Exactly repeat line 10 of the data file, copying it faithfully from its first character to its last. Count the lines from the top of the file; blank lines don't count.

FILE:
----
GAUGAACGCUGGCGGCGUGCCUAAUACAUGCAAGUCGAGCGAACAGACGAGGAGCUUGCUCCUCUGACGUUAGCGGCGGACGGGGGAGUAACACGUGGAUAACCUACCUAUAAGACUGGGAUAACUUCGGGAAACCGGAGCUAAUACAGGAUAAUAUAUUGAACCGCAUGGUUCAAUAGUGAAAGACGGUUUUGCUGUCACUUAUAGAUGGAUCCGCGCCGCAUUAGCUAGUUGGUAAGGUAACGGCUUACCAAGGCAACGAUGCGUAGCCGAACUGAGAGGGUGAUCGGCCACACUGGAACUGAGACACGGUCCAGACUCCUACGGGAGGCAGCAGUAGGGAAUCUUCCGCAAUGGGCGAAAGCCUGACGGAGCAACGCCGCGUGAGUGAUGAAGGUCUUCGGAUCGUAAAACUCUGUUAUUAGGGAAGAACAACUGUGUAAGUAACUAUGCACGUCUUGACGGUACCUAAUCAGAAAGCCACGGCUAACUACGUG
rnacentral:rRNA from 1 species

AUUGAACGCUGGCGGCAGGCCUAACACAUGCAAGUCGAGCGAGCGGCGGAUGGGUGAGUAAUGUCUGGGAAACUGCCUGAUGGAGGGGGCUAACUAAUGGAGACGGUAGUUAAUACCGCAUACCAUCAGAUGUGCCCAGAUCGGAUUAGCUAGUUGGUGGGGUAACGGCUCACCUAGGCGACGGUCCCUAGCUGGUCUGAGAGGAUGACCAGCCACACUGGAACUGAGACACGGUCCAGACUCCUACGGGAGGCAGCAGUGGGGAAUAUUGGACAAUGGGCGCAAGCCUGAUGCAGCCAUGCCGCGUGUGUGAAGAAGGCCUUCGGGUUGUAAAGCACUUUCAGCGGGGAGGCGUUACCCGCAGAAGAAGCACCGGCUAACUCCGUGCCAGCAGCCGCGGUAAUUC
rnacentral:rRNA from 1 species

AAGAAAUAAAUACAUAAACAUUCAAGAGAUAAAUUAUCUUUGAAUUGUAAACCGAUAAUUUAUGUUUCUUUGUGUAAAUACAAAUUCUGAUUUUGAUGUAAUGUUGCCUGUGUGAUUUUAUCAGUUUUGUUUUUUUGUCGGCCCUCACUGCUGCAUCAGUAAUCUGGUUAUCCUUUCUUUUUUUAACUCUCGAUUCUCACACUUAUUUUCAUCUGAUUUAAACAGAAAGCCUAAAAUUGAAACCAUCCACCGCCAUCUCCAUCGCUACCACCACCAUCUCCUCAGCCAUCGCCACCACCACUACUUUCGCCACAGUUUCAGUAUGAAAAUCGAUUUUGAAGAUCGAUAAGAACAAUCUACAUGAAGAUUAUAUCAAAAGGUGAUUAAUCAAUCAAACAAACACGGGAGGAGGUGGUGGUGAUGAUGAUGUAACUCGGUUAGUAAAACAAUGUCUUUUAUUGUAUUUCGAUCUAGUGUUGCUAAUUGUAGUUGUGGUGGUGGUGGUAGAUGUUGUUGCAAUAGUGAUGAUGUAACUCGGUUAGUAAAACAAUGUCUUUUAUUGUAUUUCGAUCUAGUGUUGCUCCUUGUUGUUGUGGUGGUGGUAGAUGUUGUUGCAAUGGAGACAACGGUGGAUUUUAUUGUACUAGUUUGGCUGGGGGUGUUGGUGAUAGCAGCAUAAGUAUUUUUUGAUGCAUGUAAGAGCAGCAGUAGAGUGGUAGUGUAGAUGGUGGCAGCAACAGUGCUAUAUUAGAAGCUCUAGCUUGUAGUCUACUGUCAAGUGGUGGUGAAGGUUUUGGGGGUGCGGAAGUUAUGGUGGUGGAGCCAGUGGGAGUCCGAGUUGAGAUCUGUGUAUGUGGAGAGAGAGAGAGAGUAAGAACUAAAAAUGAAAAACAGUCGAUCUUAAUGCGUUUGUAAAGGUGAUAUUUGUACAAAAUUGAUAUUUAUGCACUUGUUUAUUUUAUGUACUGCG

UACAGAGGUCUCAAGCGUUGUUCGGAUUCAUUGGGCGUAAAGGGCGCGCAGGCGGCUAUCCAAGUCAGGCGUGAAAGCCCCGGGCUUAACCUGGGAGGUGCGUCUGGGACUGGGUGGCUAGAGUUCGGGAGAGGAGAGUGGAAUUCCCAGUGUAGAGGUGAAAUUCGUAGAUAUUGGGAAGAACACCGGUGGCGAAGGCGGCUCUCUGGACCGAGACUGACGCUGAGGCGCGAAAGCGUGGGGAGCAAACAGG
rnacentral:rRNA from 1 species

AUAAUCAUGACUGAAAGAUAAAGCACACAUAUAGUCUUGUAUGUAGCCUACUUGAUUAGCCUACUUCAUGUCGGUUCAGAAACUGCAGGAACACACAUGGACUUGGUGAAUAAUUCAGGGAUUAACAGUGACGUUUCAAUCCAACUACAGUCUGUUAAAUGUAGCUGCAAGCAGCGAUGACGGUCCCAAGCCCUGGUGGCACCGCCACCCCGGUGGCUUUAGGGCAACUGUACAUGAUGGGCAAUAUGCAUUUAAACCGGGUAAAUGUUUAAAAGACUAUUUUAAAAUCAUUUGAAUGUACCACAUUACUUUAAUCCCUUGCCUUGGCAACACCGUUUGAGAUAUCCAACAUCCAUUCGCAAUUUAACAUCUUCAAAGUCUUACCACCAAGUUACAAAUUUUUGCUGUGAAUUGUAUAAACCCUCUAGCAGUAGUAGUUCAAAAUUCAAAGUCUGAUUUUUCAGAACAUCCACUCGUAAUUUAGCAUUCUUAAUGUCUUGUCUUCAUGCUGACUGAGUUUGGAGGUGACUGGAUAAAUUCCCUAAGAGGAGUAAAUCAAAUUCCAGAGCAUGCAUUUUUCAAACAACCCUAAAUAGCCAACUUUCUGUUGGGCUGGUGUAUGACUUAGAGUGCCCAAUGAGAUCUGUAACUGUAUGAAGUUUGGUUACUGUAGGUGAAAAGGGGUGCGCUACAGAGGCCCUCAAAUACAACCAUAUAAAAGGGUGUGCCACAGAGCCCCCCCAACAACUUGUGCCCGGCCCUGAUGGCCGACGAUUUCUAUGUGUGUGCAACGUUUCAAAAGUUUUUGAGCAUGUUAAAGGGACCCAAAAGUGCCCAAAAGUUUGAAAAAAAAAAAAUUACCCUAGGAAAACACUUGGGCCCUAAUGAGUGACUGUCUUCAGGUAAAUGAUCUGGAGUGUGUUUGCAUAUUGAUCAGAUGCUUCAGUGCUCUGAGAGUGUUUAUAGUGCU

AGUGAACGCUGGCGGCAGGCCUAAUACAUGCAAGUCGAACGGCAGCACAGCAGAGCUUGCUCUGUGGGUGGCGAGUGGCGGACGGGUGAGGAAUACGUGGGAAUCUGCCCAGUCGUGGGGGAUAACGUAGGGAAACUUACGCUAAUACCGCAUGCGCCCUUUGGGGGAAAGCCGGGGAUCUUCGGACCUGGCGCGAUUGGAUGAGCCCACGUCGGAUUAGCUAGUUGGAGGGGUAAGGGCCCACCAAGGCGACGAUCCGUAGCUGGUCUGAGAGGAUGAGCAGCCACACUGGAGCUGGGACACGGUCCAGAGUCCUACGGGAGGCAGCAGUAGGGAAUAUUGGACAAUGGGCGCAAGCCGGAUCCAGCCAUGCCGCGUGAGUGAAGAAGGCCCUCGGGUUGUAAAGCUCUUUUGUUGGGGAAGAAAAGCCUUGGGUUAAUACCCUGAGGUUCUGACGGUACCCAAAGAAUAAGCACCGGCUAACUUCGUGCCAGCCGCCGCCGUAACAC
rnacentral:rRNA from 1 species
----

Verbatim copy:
rnacentral:rRNA from 1 species